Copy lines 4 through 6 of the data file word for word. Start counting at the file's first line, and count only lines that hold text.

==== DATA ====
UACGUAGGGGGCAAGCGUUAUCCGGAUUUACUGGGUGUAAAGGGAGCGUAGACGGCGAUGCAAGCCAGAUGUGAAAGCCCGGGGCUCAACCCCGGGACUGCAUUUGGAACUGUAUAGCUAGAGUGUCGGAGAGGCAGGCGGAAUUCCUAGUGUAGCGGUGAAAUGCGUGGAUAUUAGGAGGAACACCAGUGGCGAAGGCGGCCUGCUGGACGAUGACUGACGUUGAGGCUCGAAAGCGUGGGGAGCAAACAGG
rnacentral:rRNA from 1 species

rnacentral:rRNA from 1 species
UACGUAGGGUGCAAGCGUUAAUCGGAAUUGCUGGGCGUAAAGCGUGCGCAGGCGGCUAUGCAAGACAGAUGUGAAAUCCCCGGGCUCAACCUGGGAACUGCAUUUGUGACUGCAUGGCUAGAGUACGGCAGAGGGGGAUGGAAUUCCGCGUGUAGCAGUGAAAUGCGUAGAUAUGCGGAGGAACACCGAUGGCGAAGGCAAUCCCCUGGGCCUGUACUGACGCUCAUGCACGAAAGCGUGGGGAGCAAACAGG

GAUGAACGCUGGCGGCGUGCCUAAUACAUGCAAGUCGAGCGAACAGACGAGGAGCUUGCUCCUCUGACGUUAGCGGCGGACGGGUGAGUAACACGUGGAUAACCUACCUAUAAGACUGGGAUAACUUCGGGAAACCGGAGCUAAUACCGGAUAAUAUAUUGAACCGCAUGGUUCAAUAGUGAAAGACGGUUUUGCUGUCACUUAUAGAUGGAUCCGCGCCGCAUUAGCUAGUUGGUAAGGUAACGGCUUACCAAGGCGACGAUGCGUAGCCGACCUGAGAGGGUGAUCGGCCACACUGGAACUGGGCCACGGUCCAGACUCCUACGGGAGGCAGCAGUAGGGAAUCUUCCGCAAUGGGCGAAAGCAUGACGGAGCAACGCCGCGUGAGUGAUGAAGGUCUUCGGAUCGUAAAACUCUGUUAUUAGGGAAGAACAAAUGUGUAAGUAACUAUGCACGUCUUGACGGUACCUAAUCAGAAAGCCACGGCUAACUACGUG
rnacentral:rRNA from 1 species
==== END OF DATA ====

UACGUAGGGUGCAAGCGUUAAUCGGAAUUGCUGGGCGUAAAGCGUGCGCAGGCGGCUAUGCAAGACAGAUGUGAAAUCCCCGGGCUCAACCUGGGAACUGCAUUUGUGACUGCAUGGCUAGAGUACGGCAGAGGGGGAUGGAAUUCCGCGUGUAGCAGUGAAAUGCGUAGAUAUGCGGAGGAACACCGAUGGCGAAGGCAAUCCCCUGGGCCUGUACUGACGCUCAUGCACGAAAGCGUGGGGAGCAAACAGG

GAUGAACGCUGGCGGCGUGCCUAAUACAUGCAAGUCGAGCGAACAGACGAGGAGCUUGCUCCUCUGACGUUAGCGGCGGACGGGUGAGUAACACGUGGAUAACCUACCUAUAAGACUGGGAUAACUUCGGGAAACCGGAGCUAAUACCGGAUAAUAUAUUGAACCGCAUGGUUCAAUAGUGAAAGACGGUUUUGCUGUCACUUAUAGAUGGAUCCGCGCCGCAUUAGCUAGUUGGUAAGGUAACGGCUUACCAAGGCGACGAUGCGUAGCCGACCUGAGAGGGUGAUCGGCCACACUGGAACUGGGCCACGGUCCAGACUCCUACGGGAGGCAGCAGUAGGGAAUCUUCCGCAAUGGGCGAAAGCAUGACGGAGCAACGCCGCGUGAGUGAUGAAGGUCUUCGGAUCGUAAAACUCUGUUAUUAGGGAAGAACAAAUGUGUAAGUAACUAUGCACGUCUUGACGGUACCUAAUCAGAAAGCCACGGCUAACUACGUG
rnacentral:rRNA from 1 species